conserve water (40)

2 Mar 2020

Consumer Involvement with and Expertise in Water Conservation and Plants Affect Landscape Plant Purchases, Importance, and Enjoyment

Bridget K. Behe (Michigan State University), Melinda Knuth and Charles Hall (Texas A&M), Patricia T. Huddleston and R. Thomas Fernandez (Michigan State University)

The strain on potable water supplies heightens the competition for water resources and potentially reduces the demand for landscaping. Therefore, we conducted an online survey to ascertain expertise, involvement, and importance of water conservation and landscaping. Cluster analysis results identified two segments: Actively Interested in Water Conservation and Disinterested in Water Conservation. Findings suggest that pro-water-conserving attitudes are found among consumers who value outdoor landscapes and those individuals who spend more on plants. Results suggest that professionals should focus messaging efforts on low water use cultivar selection and operationalizing water-conserving behaviors more than convincing consumers that plants are important.

Beheetal WaterConservationandPlants (112 KB)

6 Jan 2020

Water Conserving Irrigation Practices, Plant Growth, Seasonal Crop Coefficients, and Nutrition of Container-Grown Woody Ornamentals

R. Thomas Fernandez, Nicholas A. Pershey, Jeffrey A. Andresen, and Bert M. Cregg (Michigan State University)

Container nursery irrigation practices often result in over-application leading to nutrient leaching and reduced growth. Our objectives were to compare growth and foliar nutrient content for plants under control (19 mm or ¾ inch daily) and 3 daily water use (DWU) based irrigation treatments; determine DWU of 14 woody plants; and classify plants into irrigation groups. Average DWU ranged between 2.1 and 22.0 mm. Most DWU-based treatments resulted in less water applied than the control, yet plant growth was not reduced. Lower foliar P and K concentrations were found for several taxa in control versus DWU treatments.

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16 Dec 2019

Reducing Water and Pesticide Movement in Nursery Production

Damon E. Abdi and R. Thomas Fernandez (Michigan State University)

Ornamental nurseries produce a large number of plants in a concentrated area where high inputs of water, nutrients, and pesticides are used. Nursery production further increases inputs because container substrates are designed to quickly drain and overhead irrigation is the primary method of irrigation. A large proportion of water or pesticides land on nontarget areas in the spaces between containers, creating runoff contaminant issues. Water is the primary means of pesticide movement in nursery production. This review discusses water and pesticide dynamics and management strategies to conserve water and reduce pesticide and water movement during container nursery production.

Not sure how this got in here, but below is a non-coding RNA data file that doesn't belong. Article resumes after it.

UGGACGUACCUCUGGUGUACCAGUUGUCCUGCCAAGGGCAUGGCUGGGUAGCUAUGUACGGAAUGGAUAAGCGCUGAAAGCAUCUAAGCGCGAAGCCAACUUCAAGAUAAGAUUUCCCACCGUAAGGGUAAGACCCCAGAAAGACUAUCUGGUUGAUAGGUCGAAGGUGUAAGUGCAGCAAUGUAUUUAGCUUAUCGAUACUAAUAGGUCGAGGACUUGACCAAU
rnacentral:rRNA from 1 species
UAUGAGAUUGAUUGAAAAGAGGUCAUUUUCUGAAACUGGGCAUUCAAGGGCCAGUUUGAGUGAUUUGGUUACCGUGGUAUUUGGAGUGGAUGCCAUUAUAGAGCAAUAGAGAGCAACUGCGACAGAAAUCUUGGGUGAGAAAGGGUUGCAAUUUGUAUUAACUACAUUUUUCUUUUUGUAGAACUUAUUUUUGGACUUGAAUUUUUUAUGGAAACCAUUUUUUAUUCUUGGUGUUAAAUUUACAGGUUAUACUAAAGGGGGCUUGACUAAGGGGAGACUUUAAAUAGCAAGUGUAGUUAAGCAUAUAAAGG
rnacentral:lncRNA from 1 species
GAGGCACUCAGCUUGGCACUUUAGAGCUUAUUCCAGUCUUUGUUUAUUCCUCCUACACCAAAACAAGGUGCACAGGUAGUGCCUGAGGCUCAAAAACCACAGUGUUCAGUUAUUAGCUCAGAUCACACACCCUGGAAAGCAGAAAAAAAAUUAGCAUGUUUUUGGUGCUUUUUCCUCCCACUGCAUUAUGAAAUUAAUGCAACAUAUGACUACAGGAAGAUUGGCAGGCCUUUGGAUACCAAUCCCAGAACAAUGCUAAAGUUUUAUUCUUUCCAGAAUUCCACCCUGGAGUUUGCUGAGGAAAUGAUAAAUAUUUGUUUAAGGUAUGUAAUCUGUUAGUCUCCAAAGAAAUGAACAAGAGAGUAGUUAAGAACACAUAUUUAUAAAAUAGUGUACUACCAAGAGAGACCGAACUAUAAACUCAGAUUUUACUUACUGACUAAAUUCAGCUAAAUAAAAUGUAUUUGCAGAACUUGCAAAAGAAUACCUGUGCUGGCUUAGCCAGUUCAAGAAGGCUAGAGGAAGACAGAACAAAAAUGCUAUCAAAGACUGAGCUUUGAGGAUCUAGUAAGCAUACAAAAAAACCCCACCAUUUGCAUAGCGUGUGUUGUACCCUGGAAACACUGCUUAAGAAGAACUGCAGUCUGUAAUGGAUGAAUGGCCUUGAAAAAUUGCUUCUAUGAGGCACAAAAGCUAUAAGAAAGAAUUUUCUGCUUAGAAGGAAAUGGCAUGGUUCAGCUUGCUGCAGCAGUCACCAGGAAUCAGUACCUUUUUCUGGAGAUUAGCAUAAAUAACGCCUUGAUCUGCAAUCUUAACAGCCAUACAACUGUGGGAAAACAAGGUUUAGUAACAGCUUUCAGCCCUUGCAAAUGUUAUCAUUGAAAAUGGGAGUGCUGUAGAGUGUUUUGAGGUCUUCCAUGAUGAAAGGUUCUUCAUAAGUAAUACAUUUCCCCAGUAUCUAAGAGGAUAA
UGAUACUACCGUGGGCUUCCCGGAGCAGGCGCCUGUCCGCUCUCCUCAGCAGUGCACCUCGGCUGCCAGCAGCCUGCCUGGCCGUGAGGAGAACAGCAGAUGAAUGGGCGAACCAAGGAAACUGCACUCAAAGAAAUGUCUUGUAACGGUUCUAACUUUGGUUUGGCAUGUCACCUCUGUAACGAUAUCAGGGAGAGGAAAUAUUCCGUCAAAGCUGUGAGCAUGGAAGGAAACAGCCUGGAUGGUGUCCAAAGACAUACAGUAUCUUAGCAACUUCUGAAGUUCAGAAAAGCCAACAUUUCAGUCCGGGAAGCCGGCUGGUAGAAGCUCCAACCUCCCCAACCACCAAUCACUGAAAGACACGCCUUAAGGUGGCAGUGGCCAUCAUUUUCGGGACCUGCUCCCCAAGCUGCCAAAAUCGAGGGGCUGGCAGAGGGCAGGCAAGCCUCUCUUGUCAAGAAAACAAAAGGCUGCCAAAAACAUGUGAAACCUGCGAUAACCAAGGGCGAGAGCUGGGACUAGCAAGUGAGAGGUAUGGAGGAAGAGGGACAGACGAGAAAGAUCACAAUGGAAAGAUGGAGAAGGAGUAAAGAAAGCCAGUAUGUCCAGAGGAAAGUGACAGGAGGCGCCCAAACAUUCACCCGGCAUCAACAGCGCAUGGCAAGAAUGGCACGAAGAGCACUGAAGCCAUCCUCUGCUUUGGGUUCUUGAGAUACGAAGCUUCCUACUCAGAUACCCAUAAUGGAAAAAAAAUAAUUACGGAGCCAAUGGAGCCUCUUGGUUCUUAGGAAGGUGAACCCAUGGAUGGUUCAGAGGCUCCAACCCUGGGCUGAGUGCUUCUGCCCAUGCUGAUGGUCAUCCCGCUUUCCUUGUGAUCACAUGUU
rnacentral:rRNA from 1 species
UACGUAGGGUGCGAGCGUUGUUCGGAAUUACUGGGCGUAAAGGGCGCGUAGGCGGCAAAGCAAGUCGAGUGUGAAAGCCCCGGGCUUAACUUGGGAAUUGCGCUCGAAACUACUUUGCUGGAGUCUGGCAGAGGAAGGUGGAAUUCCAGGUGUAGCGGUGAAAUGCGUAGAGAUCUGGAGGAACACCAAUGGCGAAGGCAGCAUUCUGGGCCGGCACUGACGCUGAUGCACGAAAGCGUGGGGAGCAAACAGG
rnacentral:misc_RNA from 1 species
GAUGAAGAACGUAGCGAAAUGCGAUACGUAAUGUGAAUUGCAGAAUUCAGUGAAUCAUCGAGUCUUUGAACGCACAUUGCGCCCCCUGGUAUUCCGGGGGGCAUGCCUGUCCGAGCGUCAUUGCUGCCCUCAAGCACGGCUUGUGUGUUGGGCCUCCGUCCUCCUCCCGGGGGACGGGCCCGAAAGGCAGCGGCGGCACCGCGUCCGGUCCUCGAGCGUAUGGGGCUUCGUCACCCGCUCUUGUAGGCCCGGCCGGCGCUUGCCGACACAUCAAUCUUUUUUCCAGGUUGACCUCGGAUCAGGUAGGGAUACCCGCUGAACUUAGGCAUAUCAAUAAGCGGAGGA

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Description of research activities

A national team of scientists is working to encourage use of alternative water resources by the nation’s billion-dollar nursery and floriculture industry has been awarded funds for the first year of an $8.7 million, five year US Department of Agriculture – National Institute of Food and Agriculture –Specialty Crop Research Initiative competitive grant.

The team will develop and apply systems-based solutions to assist grower decision making by providing science-based information to increase use of recycled water.  This award from the NIFA’s Specialty Crop Research Initiative is managed by Project Director Sarah White of Clemson University.  She leads a group of 21 scientists from nine U.S. institutions.

Entitled “Clean WateR3 - Reduce, Remediate, Recycle – Enhancing Alternative Water Resources Availability and Use to Increase Profitability in Specialty Crops”, the Clean WateR3 team will assist the grower decision-making process by providing science-based information on nutrient, pathogen, and pesticide fate in recycled water both before and after treatment, average cost and return-on investment of technologies examined, and model-derived, site specific recommendations for water management.  The trans-disciplinary Clean WateR3 team will develop these systems-based solutions by integrating sociological, economic, modeling, and biological data into a user-friendly decision-support system intended to inform and direct our stakeholders’ water management decision-making process.

The Clean WateR3 grant team is working with a stakeholder group of greenhouse and nursery growers throughout the United States.

For example, at the University of Florida graduate student George Grant is collecting data on removal of paclobutrazol, a highly persistent plant growth regulator chemical, from recirculated water using granular activated carbon (GAC) filters. This is being done in both research greenhouses and in a commercial site. The GAC filters can remove more than 90% of chemical residues, and are proving to be a cost-effective treatment method.

 

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